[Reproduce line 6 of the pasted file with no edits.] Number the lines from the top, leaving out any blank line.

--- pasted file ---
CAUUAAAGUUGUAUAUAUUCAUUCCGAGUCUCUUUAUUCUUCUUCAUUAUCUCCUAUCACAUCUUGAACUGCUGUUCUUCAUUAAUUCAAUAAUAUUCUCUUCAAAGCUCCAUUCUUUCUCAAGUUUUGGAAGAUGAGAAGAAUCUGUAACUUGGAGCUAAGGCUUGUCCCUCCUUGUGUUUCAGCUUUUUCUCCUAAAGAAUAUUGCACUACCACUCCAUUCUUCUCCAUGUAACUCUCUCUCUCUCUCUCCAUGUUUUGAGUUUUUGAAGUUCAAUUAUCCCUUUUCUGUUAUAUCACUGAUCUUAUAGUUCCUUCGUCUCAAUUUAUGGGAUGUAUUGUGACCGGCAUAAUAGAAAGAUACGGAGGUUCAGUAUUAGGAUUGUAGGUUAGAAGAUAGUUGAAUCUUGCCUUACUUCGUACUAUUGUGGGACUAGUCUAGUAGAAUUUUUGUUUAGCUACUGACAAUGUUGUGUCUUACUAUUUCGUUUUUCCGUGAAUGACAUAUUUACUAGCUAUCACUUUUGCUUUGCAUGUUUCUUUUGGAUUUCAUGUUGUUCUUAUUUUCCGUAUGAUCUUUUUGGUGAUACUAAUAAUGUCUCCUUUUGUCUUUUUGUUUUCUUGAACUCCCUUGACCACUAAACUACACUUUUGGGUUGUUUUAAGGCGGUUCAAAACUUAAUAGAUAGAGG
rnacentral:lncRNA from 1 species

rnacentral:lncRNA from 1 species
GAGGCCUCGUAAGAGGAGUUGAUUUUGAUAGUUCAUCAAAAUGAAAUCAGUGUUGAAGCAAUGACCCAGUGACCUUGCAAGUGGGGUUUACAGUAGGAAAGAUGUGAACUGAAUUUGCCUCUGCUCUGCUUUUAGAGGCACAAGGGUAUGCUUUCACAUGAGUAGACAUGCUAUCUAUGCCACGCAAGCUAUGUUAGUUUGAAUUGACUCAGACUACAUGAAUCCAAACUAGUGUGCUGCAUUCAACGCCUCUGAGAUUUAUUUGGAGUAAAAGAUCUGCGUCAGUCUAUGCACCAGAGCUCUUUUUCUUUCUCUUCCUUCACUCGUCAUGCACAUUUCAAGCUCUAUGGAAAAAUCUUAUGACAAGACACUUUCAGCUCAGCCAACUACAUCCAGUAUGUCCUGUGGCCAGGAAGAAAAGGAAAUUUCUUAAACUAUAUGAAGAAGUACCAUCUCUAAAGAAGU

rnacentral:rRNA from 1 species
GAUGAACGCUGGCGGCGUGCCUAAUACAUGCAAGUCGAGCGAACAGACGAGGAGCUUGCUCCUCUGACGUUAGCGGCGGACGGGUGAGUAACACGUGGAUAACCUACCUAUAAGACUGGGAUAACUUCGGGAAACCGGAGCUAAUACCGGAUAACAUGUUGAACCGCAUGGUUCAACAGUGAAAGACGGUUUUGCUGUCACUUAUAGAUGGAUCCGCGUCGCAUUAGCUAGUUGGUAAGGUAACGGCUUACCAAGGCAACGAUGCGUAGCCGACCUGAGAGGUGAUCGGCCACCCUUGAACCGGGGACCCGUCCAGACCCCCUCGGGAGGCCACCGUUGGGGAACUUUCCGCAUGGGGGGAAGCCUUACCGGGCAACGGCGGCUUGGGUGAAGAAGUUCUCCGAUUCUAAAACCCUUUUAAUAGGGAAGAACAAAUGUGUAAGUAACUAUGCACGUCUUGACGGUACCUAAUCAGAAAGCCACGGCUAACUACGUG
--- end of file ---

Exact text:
GAUGAACGCUGGCGGCGUGCCUAAUACAUGCAAGUCGAGCGAACAGACGAGGAGCUUGCUCCUCUGACGUUAGCGGCGGACGGGUGAGUAACACGUGGAUAACCUACCUAUAAGACUGGGAUAACUUCGGGAAACCGGAGCUAAUACCGGAUAACAUGUUGAACCGCAUGGUUCAACAGUGAAAGACGGUUUUGCUGUCACUUAUAGAUGGAUCCGCGUCGCAUUAGCUAGUUGGUAAGGUAACGGCUUACCAAGGCAACGAUGCGUAGCCGACCUGAGAGGUGAUCGGCCACCCUUGAACCGGGGACCCGUCCAGACCCCCUCGGGAGGCCACCGUUGGGGAACUUUCCGCAUGGGGGGAAGCCUUACCGGGCAACGGCGGCUUGGGUGAAGAAGUUCUCCGAUUCUAAAACCCUUUUAAUAGGGAAGAACAAAUGUGUAAGUAACUAUGCACGUCUUGACGGUACCUAAUCAGAAAGCCACGGCUAACUACGUG